Mayor Justin Bibb pledges to improve Cleveland's 'broken' snow removal plan
Updated: 11:20 a.m., Friday, Jan. 21, 2022
Saying Cleveland’s response to the weekend’s snowstorm “wasn’t good enough,” Mayor Justin Bibb on Thursday pledged to improve the city’s snow removal plan.
“I inherited a broken system that needs significant overhaul and investment,” the mayor said in a video posted to social media. “I heard you. We need a new snow removal plan to ensure we are better prepared for the next storm.”
“I heard you. We need a new snow removal plan to ensure we are better prepared for the next storm.” - Mayor Justin M. Bibb— City of Cleveland (@CityofCleveland) January 20, 2022
We are reviewing our response and will provide an update with a plan for improvement next week. pic.twitter.com/hPwdxh2gbN
Bibb, who is in Washington, D.C., this week for the U.S. Conference of Mayors annual meeting, is in his third week on the job.
He said he plans to review the snow response with his public works department, public safety officials and new chief of city operations. A public update on improvements to the snow plan will come next week, he said.
“I heard your comments, your concerns and your frustrations,” Bibb said. “I’m frustrated too. For too long, we’ve neglected to invest in high-quality, basic city services. That’s why I ran to be your mayor, and that’s why I won’t squander this opportunity to deliver on the services you deserve.”
Bibb’s chief operating officer is Bonnie Teeuwen. A former Ohio Department of Transportation official and Cuyahoga County public works director, she joined the administration this week.
The mayor’s interim director of public works, which runs the snowplow operation, is Michael Cox, a holdover from the previous mayor’s administration. Cox had been expected to brief city council on the snow response on Monday, but that meeting was canceled, according to a council spokesperson.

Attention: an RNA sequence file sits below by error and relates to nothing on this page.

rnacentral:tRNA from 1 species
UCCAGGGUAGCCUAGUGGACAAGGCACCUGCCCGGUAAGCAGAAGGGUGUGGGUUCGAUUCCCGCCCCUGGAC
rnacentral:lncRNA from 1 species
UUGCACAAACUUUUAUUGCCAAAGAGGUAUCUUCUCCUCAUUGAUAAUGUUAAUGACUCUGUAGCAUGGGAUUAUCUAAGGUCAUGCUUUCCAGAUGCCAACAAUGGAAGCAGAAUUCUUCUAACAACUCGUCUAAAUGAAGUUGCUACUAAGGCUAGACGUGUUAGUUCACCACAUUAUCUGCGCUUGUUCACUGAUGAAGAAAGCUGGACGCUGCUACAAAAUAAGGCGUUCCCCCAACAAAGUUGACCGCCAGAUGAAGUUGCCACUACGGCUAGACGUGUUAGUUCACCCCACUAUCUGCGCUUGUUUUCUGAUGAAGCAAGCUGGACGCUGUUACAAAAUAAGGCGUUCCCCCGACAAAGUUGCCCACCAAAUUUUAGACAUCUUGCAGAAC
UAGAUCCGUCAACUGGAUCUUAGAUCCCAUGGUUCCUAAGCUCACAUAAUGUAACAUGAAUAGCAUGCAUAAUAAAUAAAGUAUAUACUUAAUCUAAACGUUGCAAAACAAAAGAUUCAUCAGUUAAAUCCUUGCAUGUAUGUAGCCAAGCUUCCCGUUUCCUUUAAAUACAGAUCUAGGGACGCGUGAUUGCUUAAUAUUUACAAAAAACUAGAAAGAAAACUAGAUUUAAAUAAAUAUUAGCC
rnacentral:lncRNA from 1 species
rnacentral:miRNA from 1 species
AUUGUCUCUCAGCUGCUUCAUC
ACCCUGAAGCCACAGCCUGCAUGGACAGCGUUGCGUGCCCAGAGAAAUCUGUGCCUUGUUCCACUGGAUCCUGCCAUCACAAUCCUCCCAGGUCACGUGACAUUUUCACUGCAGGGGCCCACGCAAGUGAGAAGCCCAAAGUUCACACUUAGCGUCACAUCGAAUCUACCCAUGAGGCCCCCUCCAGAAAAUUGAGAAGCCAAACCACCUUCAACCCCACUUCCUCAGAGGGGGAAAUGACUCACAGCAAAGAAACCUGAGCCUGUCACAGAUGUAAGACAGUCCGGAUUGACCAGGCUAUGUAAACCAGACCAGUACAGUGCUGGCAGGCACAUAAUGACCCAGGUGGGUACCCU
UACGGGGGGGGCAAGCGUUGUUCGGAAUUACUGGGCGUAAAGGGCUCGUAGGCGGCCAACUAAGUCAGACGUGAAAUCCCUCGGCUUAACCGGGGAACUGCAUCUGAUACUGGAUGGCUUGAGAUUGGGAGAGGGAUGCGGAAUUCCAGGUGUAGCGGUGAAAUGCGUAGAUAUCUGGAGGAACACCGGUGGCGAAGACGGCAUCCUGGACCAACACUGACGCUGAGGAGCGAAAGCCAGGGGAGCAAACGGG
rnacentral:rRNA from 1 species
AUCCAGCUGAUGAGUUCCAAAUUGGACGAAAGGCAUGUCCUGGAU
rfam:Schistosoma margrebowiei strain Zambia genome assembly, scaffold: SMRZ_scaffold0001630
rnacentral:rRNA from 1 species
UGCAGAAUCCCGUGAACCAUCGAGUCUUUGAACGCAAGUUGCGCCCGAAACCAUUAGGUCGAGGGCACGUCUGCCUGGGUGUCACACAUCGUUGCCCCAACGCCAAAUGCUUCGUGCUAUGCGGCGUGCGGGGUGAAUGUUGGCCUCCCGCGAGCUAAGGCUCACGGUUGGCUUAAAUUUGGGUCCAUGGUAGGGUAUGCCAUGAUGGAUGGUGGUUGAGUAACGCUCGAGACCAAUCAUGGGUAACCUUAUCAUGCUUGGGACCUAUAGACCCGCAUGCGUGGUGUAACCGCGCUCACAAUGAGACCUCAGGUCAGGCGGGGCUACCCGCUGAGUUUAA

The snowfall pummeled Cleveland from late Sunday through Monday morning, stranding cars and buses on city streets. The city deployed all of its snowplows in response, according to the mayor’s office.
By Monday night, 15 inches of snow had fallen on the city, according to unofficial observations by the National Weather Service. As of Wednesday evening, city plows were working to make second passes at residential streets, the city said.
The snowstorm brought public transit service to a standstill. With 50 buses stuck in the snow early Monday morning, the Greater Cleveland Regional Transit Authority suspended service for most of the day.
Advocates for transit riders are calling for RTA to explain why service effectively collapsed. Alex Rubin, a member of Clevelanders for Public Transit, said the group hopes RTA trustees will address the issue at next week’s board meeting.
“This could have been managed a lot better in terms of keeping people informed,” Rubin said of RTA’s response, “letting riders and Clevelanders know how they’re going to be able to get home, or get to work, or get to the grocery store, anything they need to do.”
A spokesman for RTA is working to arrange an interview with Ideastream Public Media about the agency’s response.
Rubin said snow- and ice-covered sidewalks around bus stops remain an issue. At a West Side bus stop on Detroit Avenue, a reporter observed a rider navigating an icy snowbank to board a bus Thursday.
“Cleveland is a cold weather, snowy city,” Rubin said. “So we need to be able to run transit service in the snow.”